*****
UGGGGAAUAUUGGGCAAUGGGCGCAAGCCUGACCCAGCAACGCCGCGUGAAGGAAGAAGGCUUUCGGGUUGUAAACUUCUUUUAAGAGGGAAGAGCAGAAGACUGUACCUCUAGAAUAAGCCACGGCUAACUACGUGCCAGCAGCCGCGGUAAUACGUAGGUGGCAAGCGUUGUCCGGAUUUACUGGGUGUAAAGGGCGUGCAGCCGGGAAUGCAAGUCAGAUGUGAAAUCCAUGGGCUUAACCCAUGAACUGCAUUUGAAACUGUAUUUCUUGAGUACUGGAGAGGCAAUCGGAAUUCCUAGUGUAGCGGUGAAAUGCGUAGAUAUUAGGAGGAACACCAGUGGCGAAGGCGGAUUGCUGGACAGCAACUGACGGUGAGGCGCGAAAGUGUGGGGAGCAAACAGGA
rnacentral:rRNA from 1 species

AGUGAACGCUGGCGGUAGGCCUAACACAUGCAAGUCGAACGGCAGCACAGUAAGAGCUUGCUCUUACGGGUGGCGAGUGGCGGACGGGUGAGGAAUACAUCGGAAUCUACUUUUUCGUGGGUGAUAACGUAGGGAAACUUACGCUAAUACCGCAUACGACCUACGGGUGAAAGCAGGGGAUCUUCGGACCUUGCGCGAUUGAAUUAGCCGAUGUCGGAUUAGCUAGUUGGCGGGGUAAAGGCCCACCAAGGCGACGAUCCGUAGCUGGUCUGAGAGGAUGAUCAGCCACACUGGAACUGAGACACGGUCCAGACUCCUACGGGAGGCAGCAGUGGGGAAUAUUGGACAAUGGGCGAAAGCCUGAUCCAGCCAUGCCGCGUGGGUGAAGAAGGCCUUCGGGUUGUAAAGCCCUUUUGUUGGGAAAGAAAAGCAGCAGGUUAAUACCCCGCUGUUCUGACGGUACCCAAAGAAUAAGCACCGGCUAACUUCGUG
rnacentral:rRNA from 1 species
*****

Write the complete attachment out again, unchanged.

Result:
UGGGGAAUAUUGGGCAAUGGGCGCAAGCCUGACCCAGCAACGCCGCGUGAAGGAAGAAGGCUUUCGGGUUGUAAACUUCUUUUAAGAGGGAAGAGCAGAAGACUGUACCUCUAGAAUAAGCCACGGCUAACUACGUGCCAGCAGCCGCGGUAAUACGUAGGUGGCAAGCGUUGUCCGGAUUUACUGGGUGUAAAGGGCGUGCAGCCGGGAAUGCAAGUCAGAUGUGAAAUCCAUGGGCUUAACCCAUGAACUGCAUUUGAAACUGUAUUUCUUGAGUACUGGAGAGGCAAUCGGAAUUCCUAGUGUAGCGGUGAAAUGCGUAGAUAUUAGGAGGAACACCAGUGGCGAAGGCGGAUUGCUGGACAGCAACUGACGGUGAGGCGCGAAAGUGUGGGGAGCAAACAGGA
rnacentral:rRNA from 1 species

AGUGAACGCUGGCGGUAGGCCUAACACAUGCAAGUCGAACGGCAGCACAGUAAGAGCUUGCUCUUACGGGUGGCGAGUGGCGGACGGGUGAGGAAUACAUCGGAAUCUACUUUUUCGUGGGUGAUAACGUAGGGAAACUUACGCUAAUACCGCAUACGACCUACGGGUGAAAGCAGGGGAUCUUCGGACCUUGCGCGAUUGAAUUAGCCGAUGUCGGAUUAGCUAGUUGGCGGGGUAAAGGCCCACCAAGGCGACGAUCCGUAGCUGGUCUGAGAGGAUGAUCAGCCACACUGGAACUGAGACACGGUCCAGACUCCUACGGGAGGCAGCAGUGGGGAAUAUUGGACAAUGGGCGAAAGCCUGAUCCAGCCAUGCCGCGUGGGUGAAGAAGGCCUUCGGGUUGUAAAGCCCUUUUGUUGGGAAAGAAAAGCAGCAGGUUAAUACCCCGCUGUUCUGACGGUACCCAAAGAAUAAGCACCGGCUAACUUCGUG
rnacentral:rRNA from 1 species